Well, that is a very sensitive topic for many I would assume. My intent is not to throw salt into anyone’s wound, just stimulate some thinking that may help someone get and keep his/her next job.
Let me be clear, many people lost their jobs through no fault of their own. Period. But I don’t think that is the case for everyone. I was one of them.
In my first job in public accounting I quickly found out I had a lot to learn. Accounting was the tip of the iceberg but things like office politics and dealing with others were also in the mix.
I was released in 1970 during a business downturn where there was not enough work for everyone on staff, hence their only choices to stay profitable would be to add clients or cut staff. Adding clients is a slow process, so they chose the latter and laid off about 10 of us.
I had been warned that I was on the list when they made their first cuts, and did my best to do better work for them. When I got the boot, the partner allowed that I had improved but that they still had staffing problems, so I was out.
One of the smartest things I did was to ask them why I was one of the chosen few to get laid off. The answer.. I had a lot of accounting to learn and was also quite introverted which is not a good trait for public accountants dealing with clients. He suggested I might consider another field!
Well I tried to get another job in public accounting but all the firms were in a similar position; too many people, too little work. I eventually got a position as an internal auditor for a large bank that needed accounting skills that I had, maybe more than most of their staff.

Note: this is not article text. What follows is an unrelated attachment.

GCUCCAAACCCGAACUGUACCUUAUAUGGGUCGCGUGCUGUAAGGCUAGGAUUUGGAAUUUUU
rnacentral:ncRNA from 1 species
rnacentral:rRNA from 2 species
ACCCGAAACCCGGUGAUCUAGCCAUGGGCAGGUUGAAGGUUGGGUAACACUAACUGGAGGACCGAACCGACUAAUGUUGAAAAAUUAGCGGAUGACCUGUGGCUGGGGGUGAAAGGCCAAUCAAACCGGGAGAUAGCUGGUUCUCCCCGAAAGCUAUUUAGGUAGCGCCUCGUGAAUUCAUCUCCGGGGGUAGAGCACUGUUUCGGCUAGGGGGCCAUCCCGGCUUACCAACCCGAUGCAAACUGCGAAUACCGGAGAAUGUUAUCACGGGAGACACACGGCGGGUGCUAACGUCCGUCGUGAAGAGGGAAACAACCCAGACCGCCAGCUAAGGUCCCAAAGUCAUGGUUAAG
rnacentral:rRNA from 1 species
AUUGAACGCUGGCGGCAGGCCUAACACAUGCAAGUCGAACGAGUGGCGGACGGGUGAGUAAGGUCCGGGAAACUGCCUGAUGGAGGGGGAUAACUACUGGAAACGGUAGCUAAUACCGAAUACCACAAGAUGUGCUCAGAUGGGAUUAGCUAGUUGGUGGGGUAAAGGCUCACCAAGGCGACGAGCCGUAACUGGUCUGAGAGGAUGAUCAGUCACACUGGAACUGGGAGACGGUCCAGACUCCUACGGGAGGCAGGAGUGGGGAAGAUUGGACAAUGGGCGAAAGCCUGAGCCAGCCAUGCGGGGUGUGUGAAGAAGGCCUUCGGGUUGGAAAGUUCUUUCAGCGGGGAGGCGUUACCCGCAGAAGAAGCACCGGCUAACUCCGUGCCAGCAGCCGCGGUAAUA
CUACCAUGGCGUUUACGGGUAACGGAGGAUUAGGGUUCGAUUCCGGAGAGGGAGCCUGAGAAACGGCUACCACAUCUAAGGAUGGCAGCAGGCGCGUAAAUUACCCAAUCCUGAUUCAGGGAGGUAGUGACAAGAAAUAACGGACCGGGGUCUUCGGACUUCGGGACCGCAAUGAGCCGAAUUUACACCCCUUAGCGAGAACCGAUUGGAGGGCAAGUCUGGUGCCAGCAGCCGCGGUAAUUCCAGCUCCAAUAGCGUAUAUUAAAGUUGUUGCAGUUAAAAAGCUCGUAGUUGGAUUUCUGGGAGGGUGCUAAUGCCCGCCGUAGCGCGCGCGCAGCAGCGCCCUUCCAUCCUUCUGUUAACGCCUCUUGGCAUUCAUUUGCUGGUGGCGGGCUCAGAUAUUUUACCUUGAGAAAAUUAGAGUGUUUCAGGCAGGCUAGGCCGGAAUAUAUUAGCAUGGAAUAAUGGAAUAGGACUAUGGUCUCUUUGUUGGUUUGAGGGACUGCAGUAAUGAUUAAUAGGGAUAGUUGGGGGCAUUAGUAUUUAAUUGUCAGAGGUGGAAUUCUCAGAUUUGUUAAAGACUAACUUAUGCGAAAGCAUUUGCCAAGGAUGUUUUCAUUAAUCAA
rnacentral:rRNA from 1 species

The important thing was what I learned getting fired. First, I needed to learn more accounting and pass the CPA exam, the “badge” of accounting expertise. I studied quite a bit for it and took a review course at the U of M to get through it. And I did! Partly to improve my brand and also to prove to myself and others that I could do it.
The introvert side was a little easier. I learned to relax more in a professional environment and let loose when appropriate. I became comfortable with the people I audited and built many relationships within and out of my division. In short, I came out of my shell. Later an industrial shrink would tell me that I was an introvert who learned to be an extravert to survive. He may have been right as I went on to excel in sales and management, all with good people skills.
Many businesses do not want to tell the people they fire why they were chosen as it leads to debates and conversations they really don’t want to have and they want to make the parting as palatable as possible, unless their is a real cause.
I think most of us could figure this out for ourselves if we thought about it. I don’t mean torturing ourselves about our failures, but taking a realistic look at why we think we may have been on the list of people to go. Many of us prefer to think that it wasn’t our fault, that we were discriminated against, or our boss just didn’t like us. We may be right, but if we take a closer look at ourselves w may admit some things that we can deal with, similar to what I did. A lot of layoffs are due to performance disguised as downsizing, I know mine was.
It may also make for better interviewing when asked why we lost our jobs, because if we are prepared and have thought it through, can put a positive spin on our answer showing we learn from experiences and differentiate ourselves with taking responsibility.
Just a thought, I don’t mean to discourage anyone. Mine may be just one story, but it worked for me,
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